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34 Percent Of Galician Secondary Schools Exceed Maximum Recommended Radon Levels

December 21, 2010

Researchers from the University of Santiago de Compostela (USC) have analysed levels of radon, a natural radioactive gas, in 58 secondary schools in Galicia. The results show that 34% of these schools exceed the limit of 400 Bequerels/m3 recommended by the European Union. Excessive inhalation of radon is associated with lung cancer.

“Out of all the secondary schools where samples were taken, 34% had radon levels in excess of 400 Bequerels/m3 in some of their classrooms or offices”, Juan Jos© Llerena, co-author of the study and a member of the USC’s Radiation Analysis Laboratory, tells SINC. “In addition, 15% had some point where figures were in excess of 800 Bq/m3″, warns the expert.

In order to carry out the study, which has been published recently in the Journal of Environmental Radioactivity, the team took 374 measurements using activated carbon canisters and other detectors (requiring both long and short periods of exposure) in 58 secondary schools in the four provinces of Galicia.

“Corrective measures must be put into place in Galicia as well as other regions of Spain, and the number of centres available to measure radon and extend these preventive measures and actions to nurseries and primary schools must also be increased”, says another of the study’s authors, Ignacio Durán, who is the group coordinator.

The European Union recommends maximum air radon levels of 400 Bq/m3 inside buildings. If this level is exceeded, actions should be taken to reduce it. This regulation applies to properties built before 1990. The recommended levels for those built after this date are 200 Bq/m3.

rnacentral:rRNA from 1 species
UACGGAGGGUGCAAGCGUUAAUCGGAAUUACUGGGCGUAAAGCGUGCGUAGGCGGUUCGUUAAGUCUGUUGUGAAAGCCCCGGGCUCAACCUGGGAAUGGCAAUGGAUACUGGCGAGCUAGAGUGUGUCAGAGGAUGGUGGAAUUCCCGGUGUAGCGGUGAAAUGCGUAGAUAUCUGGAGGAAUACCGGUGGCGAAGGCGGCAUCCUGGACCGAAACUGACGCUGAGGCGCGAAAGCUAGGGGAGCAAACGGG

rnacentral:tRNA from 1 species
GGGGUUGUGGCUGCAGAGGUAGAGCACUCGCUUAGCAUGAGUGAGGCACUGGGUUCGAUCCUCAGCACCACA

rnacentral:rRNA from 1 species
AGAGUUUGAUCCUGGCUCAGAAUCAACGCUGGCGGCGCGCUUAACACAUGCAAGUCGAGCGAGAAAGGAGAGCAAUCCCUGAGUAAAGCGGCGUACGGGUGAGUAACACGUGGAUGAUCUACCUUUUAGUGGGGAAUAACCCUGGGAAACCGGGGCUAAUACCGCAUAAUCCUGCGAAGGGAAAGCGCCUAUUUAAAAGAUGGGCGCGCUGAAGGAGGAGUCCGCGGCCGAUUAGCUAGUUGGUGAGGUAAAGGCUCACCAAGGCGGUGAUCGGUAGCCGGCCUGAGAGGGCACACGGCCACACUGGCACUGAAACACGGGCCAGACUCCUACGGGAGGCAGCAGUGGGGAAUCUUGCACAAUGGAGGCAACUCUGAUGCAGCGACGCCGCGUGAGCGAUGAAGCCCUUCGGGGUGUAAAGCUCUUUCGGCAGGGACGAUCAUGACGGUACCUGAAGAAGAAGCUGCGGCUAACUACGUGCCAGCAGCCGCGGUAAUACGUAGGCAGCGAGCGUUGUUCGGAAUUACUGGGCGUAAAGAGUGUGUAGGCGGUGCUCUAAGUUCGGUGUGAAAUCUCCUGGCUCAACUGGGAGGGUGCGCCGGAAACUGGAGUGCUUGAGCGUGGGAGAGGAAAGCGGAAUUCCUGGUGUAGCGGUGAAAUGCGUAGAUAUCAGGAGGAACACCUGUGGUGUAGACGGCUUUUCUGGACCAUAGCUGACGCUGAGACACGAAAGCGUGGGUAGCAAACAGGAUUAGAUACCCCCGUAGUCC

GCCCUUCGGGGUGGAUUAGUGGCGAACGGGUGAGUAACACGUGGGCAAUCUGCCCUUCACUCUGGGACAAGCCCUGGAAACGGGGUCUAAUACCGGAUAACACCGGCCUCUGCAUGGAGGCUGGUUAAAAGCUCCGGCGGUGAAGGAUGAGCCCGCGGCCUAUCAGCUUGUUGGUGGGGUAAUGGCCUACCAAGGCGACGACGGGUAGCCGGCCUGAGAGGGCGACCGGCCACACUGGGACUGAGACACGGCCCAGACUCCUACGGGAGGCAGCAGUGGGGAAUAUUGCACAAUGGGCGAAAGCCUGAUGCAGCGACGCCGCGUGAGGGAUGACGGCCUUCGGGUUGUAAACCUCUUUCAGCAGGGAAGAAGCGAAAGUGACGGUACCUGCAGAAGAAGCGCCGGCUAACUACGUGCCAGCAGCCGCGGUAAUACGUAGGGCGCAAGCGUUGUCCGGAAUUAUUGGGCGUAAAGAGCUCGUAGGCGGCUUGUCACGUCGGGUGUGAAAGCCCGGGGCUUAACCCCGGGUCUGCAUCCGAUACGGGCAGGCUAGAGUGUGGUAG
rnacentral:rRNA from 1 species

The World Health Organisation goes even further, and has reduced the safe limit to 100 Bq/m3, since a positive correlation has been found between the levels of this gas inside buildings and lung cancer.

Measure and correct without causing panic

The researchers’ intention is not to alarm the population, but they say that corrective measures should be taken to reduce high radon levels, “which are fairly effective and cost relatively little if they are put into place during the construction of buildings”.

These corrective actions range from more effective management of ventilation in buildings in the least serious cases right through to directly extracting the gas from the subsoil (before it manages to seep inside the premises) in cases where levels are higher. Radon filters in from the ground through cracks in the foundations, walls and the plumbing in bathrooms. Including architectural barriers that are impermeable to the gas are recommended in newly constructed buildings.

Llerena explains the process: “The first thing is to identify whether there is a problem. After this, detailed measurements will be taken to find out the entry points for the gas. On the basis of these data, suggestions will be made about whether simply to improve ventilation or to carry out more in-depth work, for example making the building gas-impermeable or draining radon from the subsoil before it can get into the building. Each building is a world unto itself”.

The soils in Galicia have high potential for radon emission, since they overlie an area of fractured granite. Exposure to this natural radioactive element occurs, above all, as a result of inhaling it in poorly-ventilated premises, although it can also be ingested if it is present dissolved in water.

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